The story of Monkey 47 is attributed to an Indian born British Commander who was stationed in Germany after the second world war. Inspired by the Black Forest through the lens of his family’s heritage he combined British influence, Indian botanicals, and the natural flora of the German forest to create a complex gin he called Schwarzwald Dry Gin, along with the note Max the Monkey.
You see, this Commander also helped rebuild the world-famous Berlin zoo, and during the course of this he came to support Max, an egret monkey, who lived in the zoo. So it might seem natural that years after the fact in retirement, he retained an affection for the monkey he sponsored, and when he made his gin, he named it after him.
On botanicals alone, boasting an ostentatious 47, it might be the most complicated gin on the market, but to throw you one more curveball, it’s also built on a base spirit of molasses.
The nose is mentholated juniper, pineapple sage, lemon verbena, lavender, rose, hibiscus and lime. (!) This encyclopedic list merely reflects how incredibly complex and brightly aromatic this gin is.
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Some gins are the perfect examples of their style. Plymouth is the classic example of Plymouth style gin and Schlichte is the classic example of the Steinhäger style. If you’re curious about the style’s baseline, we covered that a short while ago. This review is just about Schlichte.
The first thing I noticed was the beautiful earthenware bottle. It stands out among the other glass bottles in any gin section where it appears. It seems distinctly “old world” and “throwback” just as itself.
I opened, and the first thing I noticed was nearly nothing. No powerful aromas, just a subtle hint of gin. Its just as cool and throwback as the bottle itself. So far Schlichte has given away precious little of itself. I know that its triple distilled based on neutral wheat spirit and juniper berries, with a recipe dating back to the 15th century. But what else? On to tasting: will you reveal your secrets?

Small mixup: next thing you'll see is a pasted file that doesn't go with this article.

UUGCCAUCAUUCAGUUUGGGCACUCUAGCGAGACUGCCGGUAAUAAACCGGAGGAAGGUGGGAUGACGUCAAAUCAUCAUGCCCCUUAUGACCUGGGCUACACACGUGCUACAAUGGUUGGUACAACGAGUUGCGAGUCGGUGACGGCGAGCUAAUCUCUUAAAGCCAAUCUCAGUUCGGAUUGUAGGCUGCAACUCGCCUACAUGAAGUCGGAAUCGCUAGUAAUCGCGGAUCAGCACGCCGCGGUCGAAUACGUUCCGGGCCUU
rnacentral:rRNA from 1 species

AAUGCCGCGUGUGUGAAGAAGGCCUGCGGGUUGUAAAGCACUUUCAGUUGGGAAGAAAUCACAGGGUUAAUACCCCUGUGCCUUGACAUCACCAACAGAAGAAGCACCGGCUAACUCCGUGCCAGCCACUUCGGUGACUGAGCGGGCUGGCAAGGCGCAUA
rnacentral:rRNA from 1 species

Sipping it neat reveals a distinctly different and unique among gin quality. Its remarkably smooth and simple. You taste the juniper and that’s about it. Technically that’s exactly what it should taste like too.
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The name Steinhäger is somewhat special among gin types. Among wines, there are many protected regional names such as Champagne, in which only Champagnes produced in the Champagne region of France can legally be called Champagne. This type of gin is also a European Union Protected Regional Name. Only gins distilled near the city of Steinhagen, Germany can be legally called Steinhäger gins.
This type of gin was relatively popular in the 19th century, but today only two distilleries in this region still make gin. Only one of these distillers makes a gin which is available in the United States.
Location of Steinhagen in Germany, via Google Maps
Flavor Profile of Steinhäger Gins
The ingredients of this style are rather simple: Juniper. Nothing else. The distilled base is made from grains. It has a peculiar almost sweet taste. I’d say it differs strongly from the London Dry typical heavy juniper flavor. While I would say those are a little more “prickly” and “sharp,” the juniper in Steinhäger is somewhat “muted” and “smoother.” Its an interesting parallel. Key to gin drinkers is that there is no citrus. The base is completely neutral.
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